RADA and Birkbeck are just 3 minutes' walk apart so you will study in a campus-style environment. Our close proximity also allows us to draw on the rich range of resources available across both institutions, including: studio space; technical support for group and individual presentations; RADA’s excellent library of playtexts and theatre and performance literature; and Birkbeck’s world-class research resources in the arts and humanities.
The course incorporates visits to London theatre and both institutions are well placed for you to access the extraordinary array of theatre available in London.
The renowned British Library is also located nearby.

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Should translated literature be entirely faithful to the original text, or should the translation be creative in its attempt not to lose the poetry of the work? How can translation account for double entendre or other wordplay? Is it possible to translate experimental literature which ignores conventional grammar rules?. Read more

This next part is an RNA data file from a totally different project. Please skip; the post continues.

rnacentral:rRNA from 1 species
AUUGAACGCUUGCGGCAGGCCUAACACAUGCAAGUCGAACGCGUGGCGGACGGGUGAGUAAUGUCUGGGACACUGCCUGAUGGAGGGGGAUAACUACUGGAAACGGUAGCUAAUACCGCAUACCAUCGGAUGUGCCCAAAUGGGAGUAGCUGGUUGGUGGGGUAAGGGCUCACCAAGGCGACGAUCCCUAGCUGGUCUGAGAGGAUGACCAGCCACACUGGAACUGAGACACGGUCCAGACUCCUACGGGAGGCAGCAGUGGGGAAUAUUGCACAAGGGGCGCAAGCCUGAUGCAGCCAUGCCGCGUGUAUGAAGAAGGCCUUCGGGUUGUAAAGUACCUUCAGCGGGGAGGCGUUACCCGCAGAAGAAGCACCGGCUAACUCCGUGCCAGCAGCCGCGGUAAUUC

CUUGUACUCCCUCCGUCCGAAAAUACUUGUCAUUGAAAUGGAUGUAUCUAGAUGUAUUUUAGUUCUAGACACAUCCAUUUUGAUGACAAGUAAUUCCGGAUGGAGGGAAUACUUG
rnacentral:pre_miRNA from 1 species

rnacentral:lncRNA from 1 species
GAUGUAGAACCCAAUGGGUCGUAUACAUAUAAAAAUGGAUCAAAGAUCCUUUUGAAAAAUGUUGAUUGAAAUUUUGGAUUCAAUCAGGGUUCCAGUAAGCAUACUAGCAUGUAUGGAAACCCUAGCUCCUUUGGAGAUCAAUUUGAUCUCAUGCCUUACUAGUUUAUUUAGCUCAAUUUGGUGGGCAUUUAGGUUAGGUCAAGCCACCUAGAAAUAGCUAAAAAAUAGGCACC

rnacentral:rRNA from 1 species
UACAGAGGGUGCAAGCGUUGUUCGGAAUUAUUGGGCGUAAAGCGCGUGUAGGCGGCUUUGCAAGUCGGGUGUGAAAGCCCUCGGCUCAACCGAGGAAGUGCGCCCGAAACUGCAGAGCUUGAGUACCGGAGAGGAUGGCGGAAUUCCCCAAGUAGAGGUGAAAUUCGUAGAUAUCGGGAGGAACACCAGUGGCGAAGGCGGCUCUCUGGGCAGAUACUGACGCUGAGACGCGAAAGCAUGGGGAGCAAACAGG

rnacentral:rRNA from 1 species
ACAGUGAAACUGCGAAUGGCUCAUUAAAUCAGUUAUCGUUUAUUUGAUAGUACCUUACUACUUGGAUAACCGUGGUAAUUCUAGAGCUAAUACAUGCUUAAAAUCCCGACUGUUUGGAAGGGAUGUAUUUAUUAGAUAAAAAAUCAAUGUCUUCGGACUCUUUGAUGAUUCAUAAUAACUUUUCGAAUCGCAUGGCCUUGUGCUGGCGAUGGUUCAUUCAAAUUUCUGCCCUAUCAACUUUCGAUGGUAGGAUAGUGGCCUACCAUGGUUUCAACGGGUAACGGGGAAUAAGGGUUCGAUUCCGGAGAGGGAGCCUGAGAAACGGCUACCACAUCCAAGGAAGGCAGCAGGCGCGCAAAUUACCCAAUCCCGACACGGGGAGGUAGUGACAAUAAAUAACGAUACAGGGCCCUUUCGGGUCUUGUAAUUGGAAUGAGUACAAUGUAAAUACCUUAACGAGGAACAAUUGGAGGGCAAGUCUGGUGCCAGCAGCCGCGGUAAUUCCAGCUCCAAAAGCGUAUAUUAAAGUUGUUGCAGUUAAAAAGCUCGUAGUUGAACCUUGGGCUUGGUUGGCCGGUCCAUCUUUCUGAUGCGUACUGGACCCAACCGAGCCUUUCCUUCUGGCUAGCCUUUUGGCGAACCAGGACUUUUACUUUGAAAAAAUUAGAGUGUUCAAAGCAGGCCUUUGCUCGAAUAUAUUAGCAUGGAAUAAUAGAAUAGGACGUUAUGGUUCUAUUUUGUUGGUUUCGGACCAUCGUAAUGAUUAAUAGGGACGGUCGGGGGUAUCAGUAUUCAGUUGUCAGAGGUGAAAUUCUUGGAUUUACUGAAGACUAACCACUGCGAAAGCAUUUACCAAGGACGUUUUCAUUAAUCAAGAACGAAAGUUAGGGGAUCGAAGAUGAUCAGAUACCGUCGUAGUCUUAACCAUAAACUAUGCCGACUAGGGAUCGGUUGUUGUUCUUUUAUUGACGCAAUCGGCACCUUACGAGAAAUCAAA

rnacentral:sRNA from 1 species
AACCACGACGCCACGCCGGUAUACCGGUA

Should translated literature be entirely faithful to the original text, or should the translation be creative in its attempt not to lose the poetry of the work? How can translation account for double entendre or other wordplay? Is it possible to translate experimental literature which ignores conventional grammar rules?